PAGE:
10/15/2010 06:51 pm ET | Updated May 25, 2011

Who Dat: What Has Happened Here is the Winds Have Changed

What has happened here is the winds have changed. Randy Newman wrote it in Louisiana 1927 and the song remains the same. Since I filed the first story on the Who Dat controversy days ago, thousands of hits and hundreds of comments show how strongly we hold that combination of words. The refrain has been: "Katrina took my home, and you can take Who Dat out of my cold, dead hands." And that is no exaggeration.

Because post-Katrina levee failure the Who Dat nation has been divided between residents and the displaced. Between who did and did not rally around the first President, Governor or Mayor. Between who does and who does not rally around the new President and Governor, and who or will not support the new mayor, elected in a week barring a runoff. What have we rallied around?

Our Superbowl-bound Saints.

And now Who Dat Nation is mad as hell. We no longer trust that our wetlands will be saved and our levees can protect us. We do not trust that this economy can give us a living wage.

We do trust that if you believe in a team with all your heart, a miracle can happen. That miracle has been born of the spirit of the team and the spirit of the city. You see Who Dat everywhere in New Orleans. I've seen it on a dog. I've seen it on a breast. I've seen it on a sushi roll. One Tweet from @FleurtyGirl about a Cease and Desist for her #WhoDat tee shirt jumped from a note by my friend @yatpundit to my interview with the Monistere brothers who claim to hold the Who Dat trademark.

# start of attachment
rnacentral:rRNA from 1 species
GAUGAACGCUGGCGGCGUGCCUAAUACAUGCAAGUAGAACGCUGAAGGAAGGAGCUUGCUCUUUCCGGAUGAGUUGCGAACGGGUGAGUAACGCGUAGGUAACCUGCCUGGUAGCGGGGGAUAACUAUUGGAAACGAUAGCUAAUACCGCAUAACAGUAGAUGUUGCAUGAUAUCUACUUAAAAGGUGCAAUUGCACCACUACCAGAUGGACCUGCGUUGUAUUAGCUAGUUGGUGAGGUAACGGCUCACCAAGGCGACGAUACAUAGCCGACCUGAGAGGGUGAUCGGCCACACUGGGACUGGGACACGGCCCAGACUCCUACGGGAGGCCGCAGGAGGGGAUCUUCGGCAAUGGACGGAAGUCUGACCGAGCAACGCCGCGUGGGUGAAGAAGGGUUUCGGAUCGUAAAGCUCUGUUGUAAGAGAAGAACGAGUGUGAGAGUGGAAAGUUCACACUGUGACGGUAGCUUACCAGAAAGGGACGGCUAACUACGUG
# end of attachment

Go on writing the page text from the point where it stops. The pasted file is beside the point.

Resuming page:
As far as who has not chimed in, it's a short list. Senators, mayoral candidates, and even the Saints coach have been asked about who owns the rights to Who Dat. There's only one answer anyone in New Orleans wants to hear - not the NFL. Fleurty Girl's cease and desist catipulted the NFL to Headline News, and not in the good way. All of this blowback reminds me of the scene in Oh Brother Where Art Thou when a popular band burst onto the stage with In Constant Sorrow. One candidate wants to call miscegenation and the other sees that the crowd likes the song. Our politicians, our businesses, our coach and the residents of Who Dat Nation are the crowd that needs this song.

Who Dat.